Wednesday, September 16, 2009

I Like This

. Wednesday, September 16, 2009

Even though I typically loathe newsletters---this is a promo I received from "the boys" that was a dead on classic---

time to pay attention---

It's unanimous: The bear market is over, and a new bull market is back!

At least that's the conventional wisdom of the top 55 U.S. economists, who predict that the economy will grow in the fourth quarter through the first half of 2010. (All but one of them expect growth this quarter.)

Rewind to February-March of this year ...

... When those same economists reported that the economy was in "the worst recession since the Great Depression."

That's also precisely when stocks and commodities rallied.

Now, six months later, even the Fed chairman has declared the worst is over.

What's changed?

In a word: psychology.

The natural flow of investor psychology has traced out a recognizable pattern. As optimism builds, so does the perception of a recovery. It's to be expected -- even predictable. After all, the simple truth is that investors, advisors and analysts alike herd. Positive price action -- in their minds -- begets other positive action. It's all-too similar to the optimism we observed in late 2007, when various markets stood at or near their all-time highs.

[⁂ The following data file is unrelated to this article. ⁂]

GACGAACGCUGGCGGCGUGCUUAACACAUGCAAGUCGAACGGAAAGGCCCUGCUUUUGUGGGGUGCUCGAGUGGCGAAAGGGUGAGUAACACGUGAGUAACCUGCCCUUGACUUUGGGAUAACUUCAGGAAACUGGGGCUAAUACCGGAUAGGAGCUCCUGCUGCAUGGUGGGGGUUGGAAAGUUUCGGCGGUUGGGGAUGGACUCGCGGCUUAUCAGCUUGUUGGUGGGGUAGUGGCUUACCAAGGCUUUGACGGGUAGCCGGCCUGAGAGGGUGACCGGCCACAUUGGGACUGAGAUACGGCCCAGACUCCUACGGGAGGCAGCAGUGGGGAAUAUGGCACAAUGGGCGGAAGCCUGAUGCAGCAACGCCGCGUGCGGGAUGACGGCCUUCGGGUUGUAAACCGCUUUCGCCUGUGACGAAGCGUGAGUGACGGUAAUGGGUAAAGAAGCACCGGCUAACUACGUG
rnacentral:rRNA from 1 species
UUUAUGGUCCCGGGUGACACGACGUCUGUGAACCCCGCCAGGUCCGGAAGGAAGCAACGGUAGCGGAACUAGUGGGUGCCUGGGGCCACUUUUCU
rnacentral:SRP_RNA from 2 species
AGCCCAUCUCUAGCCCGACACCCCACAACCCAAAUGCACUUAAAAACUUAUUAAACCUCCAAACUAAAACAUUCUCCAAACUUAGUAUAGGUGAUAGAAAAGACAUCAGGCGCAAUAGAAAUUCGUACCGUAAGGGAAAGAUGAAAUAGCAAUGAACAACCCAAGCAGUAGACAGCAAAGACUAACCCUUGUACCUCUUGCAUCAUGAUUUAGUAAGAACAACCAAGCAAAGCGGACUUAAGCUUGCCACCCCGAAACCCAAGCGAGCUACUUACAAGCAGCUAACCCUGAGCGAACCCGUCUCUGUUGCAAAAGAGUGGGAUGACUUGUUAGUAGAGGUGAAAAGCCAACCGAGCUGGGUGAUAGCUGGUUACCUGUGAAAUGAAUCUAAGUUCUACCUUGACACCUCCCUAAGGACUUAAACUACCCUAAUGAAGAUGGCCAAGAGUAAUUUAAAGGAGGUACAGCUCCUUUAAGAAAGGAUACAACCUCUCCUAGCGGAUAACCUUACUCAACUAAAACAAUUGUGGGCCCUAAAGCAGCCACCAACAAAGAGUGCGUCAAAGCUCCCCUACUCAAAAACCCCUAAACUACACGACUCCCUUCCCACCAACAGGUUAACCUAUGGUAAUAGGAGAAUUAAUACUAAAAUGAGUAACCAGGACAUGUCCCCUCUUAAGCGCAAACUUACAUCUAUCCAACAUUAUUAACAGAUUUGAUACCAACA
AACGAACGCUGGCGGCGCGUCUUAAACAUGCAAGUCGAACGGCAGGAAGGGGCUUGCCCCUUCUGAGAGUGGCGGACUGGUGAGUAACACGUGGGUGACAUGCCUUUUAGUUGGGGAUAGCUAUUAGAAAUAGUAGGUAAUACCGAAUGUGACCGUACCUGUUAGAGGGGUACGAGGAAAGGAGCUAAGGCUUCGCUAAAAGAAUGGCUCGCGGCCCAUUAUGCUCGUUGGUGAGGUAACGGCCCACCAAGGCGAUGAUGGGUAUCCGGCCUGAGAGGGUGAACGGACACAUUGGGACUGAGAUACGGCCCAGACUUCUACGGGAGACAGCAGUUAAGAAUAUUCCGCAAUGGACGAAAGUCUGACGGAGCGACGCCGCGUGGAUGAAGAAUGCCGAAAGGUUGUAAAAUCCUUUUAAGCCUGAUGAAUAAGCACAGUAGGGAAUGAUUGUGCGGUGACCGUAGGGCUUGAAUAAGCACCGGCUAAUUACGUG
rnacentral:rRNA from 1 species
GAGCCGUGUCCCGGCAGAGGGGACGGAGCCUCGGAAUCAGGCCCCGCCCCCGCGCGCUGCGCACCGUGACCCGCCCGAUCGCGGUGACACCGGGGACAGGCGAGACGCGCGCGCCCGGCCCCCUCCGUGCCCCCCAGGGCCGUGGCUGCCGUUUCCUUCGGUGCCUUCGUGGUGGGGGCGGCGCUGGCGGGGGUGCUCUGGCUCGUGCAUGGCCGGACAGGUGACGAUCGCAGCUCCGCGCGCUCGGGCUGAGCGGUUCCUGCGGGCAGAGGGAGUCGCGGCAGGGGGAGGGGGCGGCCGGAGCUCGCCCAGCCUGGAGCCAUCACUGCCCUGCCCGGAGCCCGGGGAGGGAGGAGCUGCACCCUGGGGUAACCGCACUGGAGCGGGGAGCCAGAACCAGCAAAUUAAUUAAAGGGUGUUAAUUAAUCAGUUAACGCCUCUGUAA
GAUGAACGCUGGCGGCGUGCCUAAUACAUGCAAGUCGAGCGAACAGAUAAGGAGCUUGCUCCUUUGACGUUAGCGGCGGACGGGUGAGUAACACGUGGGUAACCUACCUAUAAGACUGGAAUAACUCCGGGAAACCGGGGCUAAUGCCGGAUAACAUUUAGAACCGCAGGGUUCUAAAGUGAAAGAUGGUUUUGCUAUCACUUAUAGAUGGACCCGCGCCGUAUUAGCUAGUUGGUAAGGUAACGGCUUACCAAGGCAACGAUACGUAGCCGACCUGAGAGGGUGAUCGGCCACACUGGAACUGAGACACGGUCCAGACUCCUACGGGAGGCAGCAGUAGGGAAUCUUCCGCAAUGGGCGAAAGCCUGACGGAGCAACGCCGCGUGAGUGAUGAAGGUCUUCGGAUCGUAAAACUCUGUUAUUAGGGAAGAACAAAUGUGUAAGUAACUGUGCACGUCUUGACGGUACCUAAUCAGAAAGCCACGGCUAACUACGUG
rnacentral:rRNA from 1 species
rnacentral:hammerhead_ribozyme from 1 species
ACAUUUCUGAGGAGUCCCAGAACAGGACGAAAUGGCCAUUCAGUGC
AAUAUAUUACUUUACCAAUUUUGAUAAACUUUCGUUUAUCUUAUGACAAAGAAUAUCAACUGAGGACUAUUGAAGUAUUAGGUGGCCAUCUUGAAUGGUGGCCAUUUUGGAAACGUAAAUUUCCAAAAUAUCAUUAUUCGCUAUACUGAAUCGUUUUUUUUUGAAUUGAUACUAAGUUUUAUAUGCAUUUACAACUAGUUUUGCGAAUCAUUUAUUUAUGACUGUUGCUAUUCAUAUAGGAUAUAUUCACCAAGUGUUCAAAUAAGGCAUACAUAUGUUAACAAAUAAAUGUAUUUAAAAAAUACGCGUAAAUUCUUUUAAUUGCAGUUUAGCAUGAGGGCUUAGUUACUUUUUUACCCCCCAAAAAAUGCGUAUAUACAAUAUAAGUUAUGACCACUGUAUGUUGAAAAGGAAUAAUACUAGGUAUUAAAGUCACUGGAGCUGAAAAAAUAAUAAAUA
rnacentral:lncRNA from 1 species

But today not even the so-called fundamentals support the notion of a recovery:

  • Large pockets of the U.S. real estate market, including metro Atlanta, are still racking up record monthly foreclosures.
  • The global shipping industry has slowed to a crawl; thousands of ships around the world sit empty and idle.
  • Bank credit and the M3 money supply have been contracting at rates comparable to the onset of the Great Depression.
  • And believe it or not, reports are surfacing of lending institutions returning to their old tricks from two years ago.